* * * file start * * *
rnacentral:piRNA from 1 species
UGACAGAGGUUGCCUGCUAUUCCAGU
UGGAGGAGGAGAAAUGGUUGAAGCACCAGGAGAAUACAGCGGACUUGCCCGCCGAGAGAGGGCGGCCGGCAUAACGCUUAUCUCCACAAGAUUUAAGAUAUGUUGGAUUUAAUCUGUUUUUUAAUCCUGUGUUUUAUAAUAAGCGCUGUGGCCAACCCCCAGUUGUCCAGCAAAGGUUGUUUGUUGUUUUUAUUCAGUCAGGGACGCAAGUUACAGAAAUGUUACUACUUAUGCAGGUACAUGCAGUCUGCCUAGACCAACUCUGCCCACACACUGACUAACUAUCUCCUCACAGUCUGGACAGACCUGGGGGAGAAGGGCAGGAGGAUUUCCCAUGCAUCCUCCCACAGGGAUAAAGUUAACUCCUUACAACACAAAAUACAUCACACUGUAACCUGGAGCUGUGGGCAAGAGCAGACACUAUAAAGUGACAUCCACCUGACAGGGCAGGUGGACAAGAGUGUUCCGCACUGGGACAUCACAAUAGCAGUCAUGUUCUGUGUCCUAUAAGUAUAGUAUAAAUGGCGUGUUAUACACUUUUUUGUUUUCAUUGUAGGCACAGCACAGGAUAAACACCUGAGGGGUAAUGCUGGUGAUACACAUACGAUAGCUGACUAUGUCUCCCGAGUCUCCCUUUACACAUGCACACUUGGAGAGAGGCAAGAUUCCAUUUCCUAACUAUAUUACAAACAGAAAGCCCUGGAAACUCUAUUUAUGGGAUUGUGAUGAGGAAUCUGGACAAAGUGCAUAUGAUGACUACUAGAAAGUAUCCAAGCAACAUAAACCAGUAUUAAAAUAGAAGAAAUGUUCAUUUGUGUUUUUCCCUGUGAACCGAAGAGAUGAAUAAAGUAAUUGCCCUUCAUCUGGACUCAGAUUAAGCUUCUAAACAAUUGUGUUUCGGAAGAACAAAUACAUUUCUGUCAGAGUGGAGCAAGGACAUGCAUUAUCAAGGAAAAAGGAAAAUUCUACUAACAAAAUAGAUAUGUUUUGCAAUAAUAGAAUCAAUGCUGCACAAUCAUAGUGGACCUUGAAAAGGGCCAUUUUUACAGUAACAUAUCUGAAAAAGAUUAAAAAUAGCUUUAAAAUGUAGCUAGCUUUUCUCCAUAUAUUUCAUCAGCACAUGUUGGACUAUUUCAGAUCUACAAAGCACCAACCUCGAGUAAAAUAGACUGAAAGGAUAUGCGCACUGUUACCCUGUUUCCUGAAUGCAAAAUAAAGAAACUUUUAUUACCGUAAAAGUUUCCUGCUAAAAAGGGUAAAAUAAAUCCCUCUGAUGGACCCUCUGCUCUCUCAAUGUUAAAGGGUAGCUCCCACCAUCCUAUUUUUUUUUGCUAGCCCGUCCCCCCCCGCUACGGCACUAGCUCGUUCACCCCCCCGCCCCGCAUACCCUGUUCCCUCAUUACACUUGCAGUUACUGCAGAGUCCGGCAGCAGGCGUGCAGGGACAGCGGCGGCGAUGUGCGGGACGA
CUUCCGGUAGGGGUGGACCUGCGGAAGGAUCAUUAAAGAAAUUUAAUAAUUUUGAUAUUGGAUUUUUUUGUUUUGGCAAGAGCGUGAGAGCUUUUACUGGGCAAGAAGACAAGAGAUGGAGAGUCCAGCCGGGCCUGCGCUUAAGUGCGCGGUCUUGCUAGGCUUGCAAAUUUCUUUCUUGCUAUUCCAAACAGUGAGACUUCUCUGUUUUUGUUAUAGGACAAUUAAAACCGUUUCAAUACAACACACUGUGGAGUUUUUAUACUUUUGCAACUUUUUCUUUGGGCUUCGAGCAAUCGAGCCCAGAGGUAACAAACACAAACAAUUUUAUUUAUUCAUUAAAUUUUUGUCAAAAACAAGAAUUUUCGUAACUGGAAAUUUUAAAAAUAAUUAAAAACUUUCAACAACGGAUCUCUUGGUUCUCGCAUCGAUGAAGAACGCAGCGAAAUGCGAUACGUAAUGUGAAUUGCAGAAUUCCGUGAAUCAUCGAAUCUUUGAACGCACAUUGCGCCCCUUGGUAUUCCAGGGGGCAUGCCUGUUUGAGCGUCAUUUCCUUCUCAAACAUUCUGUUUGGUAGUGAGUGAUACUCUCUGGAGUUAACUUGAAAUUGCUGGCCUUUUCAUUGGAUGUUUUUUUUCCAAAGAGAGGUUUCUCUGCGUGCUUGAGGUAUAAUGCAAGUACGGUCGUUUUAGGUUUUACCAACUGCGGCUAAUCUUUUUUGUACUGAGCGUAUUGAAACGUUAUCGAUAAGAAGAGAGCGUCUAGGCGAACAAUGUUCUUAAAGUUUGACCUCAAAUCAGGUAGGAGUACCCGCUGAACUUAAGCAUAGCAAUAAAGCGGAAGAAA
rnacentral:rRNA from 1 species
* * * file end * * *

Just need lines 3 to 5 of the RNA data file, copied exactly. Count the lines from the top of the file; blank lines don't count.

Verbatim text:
UGGAGGAGGAGAAAUGGUUGAAGCACCAGGAGAAUACAGCGGACUUGCCCGCCGAGAGAGGGCGGCCGGCAUAACGCUUAUCUCCACAAGAUUUAAGAUAUGUUGGAUUUAAUCUGUUUUUUAAUCCUGUGUUUUAUAAUAAGCGCUGUGGCCAACCCCCAGUUGUCCAGCAAAGGUUGUUUGUUGUUUUUAUUCAGUCAGGGACGCAAGUUACAGAAAUGUUACUACUUAUGCAGGUACAUGCAGUCUGCCUAGACCAACUCUGCCCACACACUGACUAACUAUCUCCUCACAGUCUGGACAGACCUGGGGGAGAAGGGCAGGAGGAUUUCCCAUGCAUCCUCCCACAGGGAUAAAGUUAACUCCUUACAACACAAAAUACAUCACACUGUAACCUGGAGCUGUGGGCAAGAGCAGACACUAUAAAGUGACAUCCACCUGACAGGGCAGGUGGACAAGAGUGUUCCGCACUGGGACAUCACAAUAGCAGUCAUGUUCUGUGUCCUAUAAGUAUAGUAUAAAUGGCGUGUUAUACACUUUUUUGUUUUCAUUGUAGGCACAGCACAGGAUAAACACCUGAGGGGUAAUGCUGGUGAUACACAUACGAUAGCUGACUAUGUCUCCCGAGUCUCCCUUUACACAUGCACACUUGGAGAGAGGCAAGAUUCCAUUUCCUAACUAUAUUACAAACAGAAAGCCCUGGAAACUCUAUUUAUGGGAUUGUGAUGAGGAAUCUGGACAAAGUGCAUAUGAUGACUACUAGAAAGUAUCCAAGCAACAUAAACCAGUAUUAAAAUAGAAGAAAUGUUCAUUUGUGUUUUUCCCUGUGAACCGAAGAGAUGAAUAAAGUAAUUGCCCUUCAUCUGGACUCAGAUUAAGCUUCUAAACAAUUGUGUUUCGGAAGAACAAAUACAUUUCUGUCAGAGUGGAGCAAGGACAUGCAUUAUCAAGGAAAAAGGAAAAUUCUACUAACAAAAUAGAUAUGUUUUGCAAUAAUAGAAUCAAUGCUGCACAAUCAUAGUGGACCUUGAAAAGGGCCAUUUUUACAGUAACAUAUCUGAAAAAGAUUAAAAAUAGCUUUAAAAUGUAGCUAGCUUUUCUCCAUAUAUUUCAUCAGCACAUGUUGGACUAUUUCAGAUCUACAAAGCACCAACCUCGAGUAAAAUAGACUGAAAGGAUAUGCGCACUGUUACCCUGUUUCCUGAAUGCAAAAUAAAGAAACUUUUAUUACCGUAAAAGUUUCCUGCUAAAAAGGGUAAAAUAAAUCCCUCUGAUGGACCCUCUGCUCUCUCAAUGUUAAAGGGUAGCUCCCACCAUCCUAUUUUUUUUUGCUAGCCCGUCCCCCCCCGCUACGGCACUAGCUCGUUCACCCCCCCGCCCCGCAUACCCUGUUCCCUCAUUACACUUGCAGUUACUGCAGAGUCCGGCAGCAGGCGUGCAGGGACAGCGGCGGCGAUGUGCGGGACGA
CUUCCGGUAGGGGUGGACCUGCGGAAGGAUCAUUAAAGAAAUUUAAUAAUUUUGAUAUUGGAUUUUUUUGUUUUGGCAAGAGCGUGAGAGCUUUUACUGGGCAAGAAGACAAGAGAUGGAGAGUCCAGCCGGGCCUGCGCUUAAGUGCGCGGUCUUGCUAGGCUUGCAAAUUUCUUUCUUGCUAUUCCAAACAGUGAGACUUCUCUGUUUUUGUUAUAGGACAAUUAAAACCGUUUCAAUACAACACACUGUGGAGUUUUUAUACUUUUGCAACUUUUUCUUUGGGCUUCGAGCAAUCGAGCCCAGAGGUAACAAACACAAACAAUUUUAUUUAUUCAUUAAAUUUUUGUCAAAAACAAGAAUUUUCGUAACUGGAAAUUUUAAAAAUAAUUAAAAACUUUCAACAACGGAUCUCUUGGUUCUCGCAUCGAUGAAGAACGCAGCGAAAUGCGAUACGUAAUGUGAAUUGCAGAAUUCCGUGAAUCAUCGAAUCUUUGAACGCACAUUGCGCCCCUUGGUAUUCCAGGGGGCAUGCCUGUUUGAGCGUCAUUUCCUUCUCAAACAUUCUGUUUGGUAGUGAGUGAUACUCUCUGGAGUUAACUUGAAAUUGCUGGCCUUUUCAUUGGAUGUUUUUUUUCCAAAGAGAGGUUUCUCUGCGUGCUUGAGGUAUAAUGCAAGUACGGUCGUUUUAGGUUUUACCAACUGCGGCUAAUCUUUUUUGUACUGAGCGUAUUGAAACGUUAUCGAUAAGAAGAGAGCGUCUAGGCGAACAAUGUUCUUAAAGUUUGACCUCAAAUCAGGUAGGAGUACCCGCUGAACUUAAGCAUAGCAAUAAAGCGGAAGAAA
rnacentral:rRNA from 1 species